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Liesl Nielsen,

Meet Utah's homeless: Austin's story of addiction and loss

By Liesl Nielsen, | Posted - Apr. 17, 2019 at 7:13 a.m.

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Editor's note: For the next four weeks,’s “Homeless” series will feature four individuals experiencing homelessness in the Salt Lake Valley. This is Austin's story.

SALT LAKE CITY — Austin limps toward the door of the Clark Planetarium in downtown Salt Lake City as the rain beats upon the blue felt blanket wrapped around his shoulders.

He pulls the door open and walks past a line of school children, making a beeline for the trash can. A half-eaten bag of Cheez-Its doesn’t last long before he's devoured it, washing the stale crackers down with a near-empty Red Bull.

The security guard by the front door is deep in conversation with a patron and doesn’t notice Austin as he hobbles further inside. But a little boy stares at the young man’s face, his eyes glancing over the matted dreadlocks and large scabs on his forehead.

It isn’t long before Austin is back outside in the cold April rain.

On childhood and family

Austin grew up in Layton with his grandparents, after his mother became involved with drugs and wound up in prison, he says. He doesn’t know his father at all, but he insists he had a happy, normal childhood with lots of friends. His grandparents were "good people."

Austin’s grandfather was a military man who taught his grandson that some things are worth fighting for — a life lesson that may lurk behind Austin's limp and the scars on his face.

His grandfather has long since died and his grandmother now lives nearby, though he rarely sees her.

It wasn’t until Austin’s grandfather died that Austin said his uncle convinced his grandmother to “kick (him) out of the house.” That was eight years ago. He’s experienced homelessness in Salt Lake ever since — in and out of shelters and hazes of addiction.

Basically, I’m lost. My personage is found somewhere locked up in a childhood … or a childhood story that is being fed to my consciousness continually, trying to convince me of who I really am.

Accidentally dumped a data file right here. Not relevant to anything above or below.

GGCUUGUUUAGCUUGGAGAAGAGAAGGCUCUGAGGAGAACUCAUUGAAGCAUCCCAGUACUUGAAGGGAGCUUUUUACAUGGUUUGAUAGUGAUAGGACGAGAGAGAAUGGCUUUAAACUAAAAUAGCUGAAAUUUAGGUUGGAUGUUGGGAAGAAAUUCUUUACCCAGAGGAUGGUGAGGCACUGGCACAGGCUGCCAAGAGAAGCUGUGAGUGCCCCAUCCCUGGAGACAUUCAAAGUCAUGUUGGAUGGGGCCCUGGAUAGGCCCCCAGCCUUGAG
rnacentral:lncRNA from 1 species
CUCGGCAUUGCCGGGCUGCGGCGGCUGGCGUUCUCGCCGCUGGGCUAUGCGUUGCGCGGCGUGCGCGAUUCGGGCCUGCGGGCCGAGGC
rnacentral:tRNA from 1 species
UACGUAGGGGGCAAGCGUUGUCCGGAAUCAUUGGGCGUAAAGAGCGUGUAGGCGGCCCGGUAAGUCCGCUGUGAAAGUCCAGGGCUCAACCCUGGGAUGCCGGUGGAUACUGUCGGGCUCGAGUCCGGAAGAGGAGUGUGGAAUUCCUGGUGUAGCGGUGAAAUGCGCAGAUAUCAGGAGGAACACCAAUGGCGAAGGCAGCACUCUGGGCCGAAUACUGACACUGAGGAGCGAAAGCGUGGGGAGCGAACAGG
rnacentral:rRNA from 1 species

On homelessness

Austin says he knows people avoid him, that sometimes they're even scared of him. He knows he has his "crazy moments" when he walks around the streets of Salt Lake yelling and high on crystal meth.

But he wants people to know there's another side to him, too: a humbler, gentler side. Yet, he decides which side he'll show those around him. He wishes others would do the same.

I would like to not be homeless but it seems there's a lot of obstacles in the way.

On addiction

"Addiction is a definite obstacle, but, I don’t know, I guess it could be beaten," Austin says.

He seems unsure, though, whether he wants to hurdle that obstacle just yet.

Austin's shoes poke out of his blanket as he wraps it around himself again. (Photo: Liesl Nielsen,

I have my downfalls or my hidden secrets — my darkness. And it's hard to let people in to that part of my life ... the darkness part.

On goals

Though the darkness can be difficult to dispel, Austin's goal is to "make it to the end of the sentence." When asked what that means, he says it entails being "completely awake" to what he wants, then going after that goal.

He's not quite sure what he wants yet, but he says he needs a "one liner" — essentially a motto to live his life by.

If he had to come up with that motto on the spot?

Don't settle for less than you know you're worth.

If you'd like to help others like Austin experiencing homelessness in Utah, contact your local homeless shelter to find out how you can donate or volunteer.

Liesl Nielsen

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